The evolving landscape of the molecular epidemiology of malignant pleural mesothelioma

Research output: Contribution to journalReview articlepeer-review

Abstract

Malignant pleural mesothelioma (MPM) is a rare and aggressive malignancy that most commonly affects the pleural lining of the lungs. It has a strong association with exposure to biopersistent fibers, mainly asbestos (80% of cases) and—in specific geographic regions—erionite, zeolites, ophiolites, and fluoro-edenite. Individuals with a chronic exposure to asbestos generally have a long latency with no or few symptoms. Then, when patients do become symptomatic, they present with advanced disease and a worse overall survival (about 13/15 months). The fibers from industrial production not only pose a substantial risk to workers, but also to their relatives and to the surrounding community. Modern targeted therapies that have shown benefit in other human tumors have thus far failed in MPM. Overall, MPM has been listed as orphan disease by the European Union. However, molecular high-throughput profiling is currently unveiling novel biomarkers and actionable targets. We here discuss the natural evolution, mainly focusing on the novel concept of molecular epidemiology. The application of innovative endpoints, quantification of genetic damages, and definition of genetic susceptibility are reviewed, with the ultimate goal to point out new tools for screening of exposed subject and for designing more efficient diagnostic and therapeutic strategies.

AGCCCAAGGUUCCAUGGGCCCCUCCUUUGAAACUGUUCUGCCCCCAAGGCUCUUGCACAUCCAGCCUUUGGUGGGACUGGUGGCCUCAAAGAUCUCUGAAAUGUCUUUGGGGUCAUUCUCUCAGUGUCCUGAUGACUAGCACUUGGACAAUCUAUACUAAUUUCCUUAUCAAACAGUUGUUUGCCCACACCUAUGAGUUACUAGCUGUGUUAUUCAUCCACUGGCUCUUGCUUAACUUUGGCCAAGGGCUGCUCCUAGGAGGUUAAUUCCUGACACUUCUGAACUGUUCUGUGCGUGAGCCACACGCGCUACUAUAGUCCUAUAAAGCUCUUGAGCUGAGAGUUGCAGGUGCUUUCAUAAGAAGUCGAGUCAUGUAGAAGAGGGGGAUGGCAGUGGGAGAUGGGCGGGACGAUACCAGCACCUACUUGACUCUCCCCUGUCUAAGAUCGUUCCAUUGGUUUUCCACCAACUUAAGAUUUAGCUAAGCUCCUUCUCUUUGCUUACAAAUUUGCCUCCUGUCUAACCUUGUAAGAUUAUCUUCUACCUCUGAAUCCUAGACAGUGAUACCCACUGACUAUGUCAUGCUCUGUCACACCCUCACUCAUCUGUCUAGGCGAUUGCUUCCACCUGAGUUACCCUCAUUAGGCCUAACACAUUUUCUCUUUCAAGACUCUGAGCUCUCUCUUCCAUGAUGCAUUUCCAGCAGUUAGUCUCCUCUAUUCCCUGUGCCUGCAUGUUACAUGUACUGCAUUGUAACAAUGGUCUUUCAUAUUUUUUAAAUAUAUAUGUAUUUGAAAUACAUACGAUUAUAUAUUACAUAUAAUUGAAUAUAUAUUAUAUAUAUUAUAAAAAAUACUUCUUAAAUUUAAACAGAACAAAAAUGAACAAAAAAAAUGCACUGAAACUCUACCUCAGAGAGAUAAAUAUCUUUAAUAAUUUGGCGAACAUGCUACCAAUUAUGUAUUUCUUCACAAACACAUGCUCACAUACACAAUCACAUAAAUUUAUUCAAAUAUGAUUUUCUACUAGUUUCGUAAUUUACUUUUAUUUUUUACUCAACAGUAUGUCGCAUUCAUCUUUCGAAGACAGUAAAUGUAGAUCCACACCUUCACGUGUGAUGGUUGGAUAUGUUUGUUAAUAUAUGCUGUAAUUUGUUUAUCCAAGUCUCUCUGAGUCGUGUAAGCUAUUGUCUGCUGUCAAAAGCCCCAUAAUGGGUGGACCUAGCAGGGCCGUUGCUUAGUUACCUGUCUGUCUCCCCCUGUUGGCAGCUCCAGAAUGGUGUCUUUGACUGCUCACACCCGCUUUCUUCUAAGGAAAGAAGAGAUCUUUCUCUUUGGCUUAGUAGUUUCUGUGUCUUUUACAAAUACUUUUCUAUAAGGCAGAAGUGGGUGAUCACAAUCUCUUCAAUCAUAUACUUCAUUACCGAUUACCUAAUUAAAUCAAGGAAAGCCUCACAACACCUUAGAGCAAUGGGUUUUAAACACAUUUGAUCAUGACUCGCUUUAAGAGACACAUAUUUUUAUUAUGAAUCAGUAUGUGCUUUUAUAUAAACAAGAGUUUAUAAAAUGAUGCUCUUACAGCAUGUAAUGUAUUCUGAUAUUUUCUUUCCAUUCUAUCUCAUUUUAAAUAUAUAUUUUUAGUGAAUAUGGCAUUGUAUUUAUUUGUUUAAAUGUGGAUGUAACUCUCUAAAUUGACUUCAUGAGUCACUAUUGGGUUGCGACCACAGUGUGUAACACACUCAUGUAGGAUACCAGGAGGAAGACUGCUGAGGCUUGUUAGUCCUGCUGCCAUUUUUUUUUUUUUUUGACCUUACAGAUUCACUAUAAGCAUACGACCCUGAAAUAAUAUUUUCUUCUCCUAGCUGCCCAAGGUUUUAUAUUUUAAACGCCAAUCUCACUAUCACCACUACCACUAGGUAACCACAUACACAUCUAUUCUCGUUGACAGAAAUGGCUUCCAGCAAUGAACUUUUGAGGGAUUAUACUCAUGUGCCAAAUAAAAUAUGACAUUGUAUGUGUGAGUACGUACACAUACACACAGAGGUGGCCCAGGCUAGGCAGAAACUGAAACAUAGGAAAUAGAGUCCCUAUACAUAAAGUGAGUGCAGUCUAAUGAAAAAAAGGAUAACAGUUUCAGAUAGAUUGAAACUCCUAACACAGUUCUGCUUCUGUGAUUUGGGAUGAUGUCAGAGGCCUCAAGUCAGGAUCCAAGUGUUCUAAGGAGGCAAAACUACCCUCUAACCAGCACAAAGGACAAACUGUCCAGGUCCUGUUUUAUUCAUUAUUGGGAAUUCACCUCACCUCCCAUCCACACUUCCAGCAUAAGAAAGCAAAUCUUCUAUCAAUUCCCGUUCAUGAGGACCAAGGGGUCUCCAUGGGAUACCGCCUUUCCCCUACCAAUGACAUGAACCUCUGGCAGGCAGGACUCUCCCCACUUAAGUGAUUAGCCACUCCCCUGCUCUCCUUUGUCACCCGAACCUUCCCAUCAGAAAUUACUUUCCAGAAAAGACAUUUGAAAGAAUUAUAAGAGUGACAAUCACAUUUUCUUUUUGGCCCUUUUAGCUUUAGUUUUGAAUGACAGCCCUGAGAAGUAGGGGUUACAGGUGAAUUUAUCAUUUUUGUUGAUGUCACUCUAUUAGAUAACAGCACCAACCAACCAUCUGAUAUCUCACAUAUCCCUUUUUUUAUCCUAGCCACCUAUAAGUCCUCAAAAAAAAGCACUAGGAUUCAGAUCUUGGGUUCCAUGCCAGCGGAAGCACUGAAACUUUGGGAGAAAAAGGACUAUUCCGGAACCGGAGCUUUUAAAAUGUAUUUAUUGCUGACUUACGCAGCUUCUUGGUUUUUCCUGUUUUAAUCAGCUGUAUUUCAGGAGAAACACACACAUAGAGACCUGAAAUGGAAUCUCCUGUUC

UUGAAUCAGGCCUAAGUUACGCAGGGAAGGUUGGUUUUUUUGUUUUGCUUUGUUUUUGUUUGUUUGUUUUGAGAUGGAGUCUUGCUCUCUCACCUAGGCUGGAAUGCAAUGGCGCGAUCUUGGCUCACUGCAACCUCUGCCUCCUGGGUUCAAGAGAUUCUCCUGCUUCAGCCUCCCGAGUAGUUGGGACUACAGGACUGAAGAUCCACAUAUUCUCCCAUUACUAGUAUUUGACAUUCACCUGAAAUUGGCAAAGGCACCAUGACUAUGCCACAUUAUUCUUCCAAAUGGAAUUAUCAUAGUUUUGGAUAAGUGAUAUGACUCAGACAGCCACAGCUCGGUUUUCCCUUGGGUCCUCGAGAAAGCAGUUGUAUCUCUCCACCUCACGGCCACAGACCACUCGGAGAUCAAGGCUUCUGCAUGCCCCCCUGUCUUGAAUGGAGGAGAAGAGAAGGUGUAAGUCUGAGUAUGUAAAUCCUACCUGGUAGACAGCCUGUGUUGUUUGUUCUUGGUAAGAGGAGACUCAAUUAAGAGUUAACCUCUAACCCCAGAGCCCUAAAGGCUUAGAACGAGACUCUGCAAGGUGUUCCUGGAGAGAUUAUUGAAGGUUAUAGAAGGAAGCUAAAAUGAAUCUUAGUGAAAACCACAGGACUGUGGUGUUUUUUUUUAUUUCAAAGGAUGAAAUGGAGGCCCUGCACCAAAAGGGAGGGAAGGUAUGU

Original languageEnglish
Article number1034
Pages (from-to)1-21
Number of pages21
JournalJournal of Clinical Medicine
Volume10
Issue number5
DOIs
Publication statusPublished - Mar 1 2021

Keywords

  • Genetics
  • Mesothelioma
  • Molecular epidemiology
  • Personalized medicine

ASJC Scopus subject areas

  • Medicine(all)

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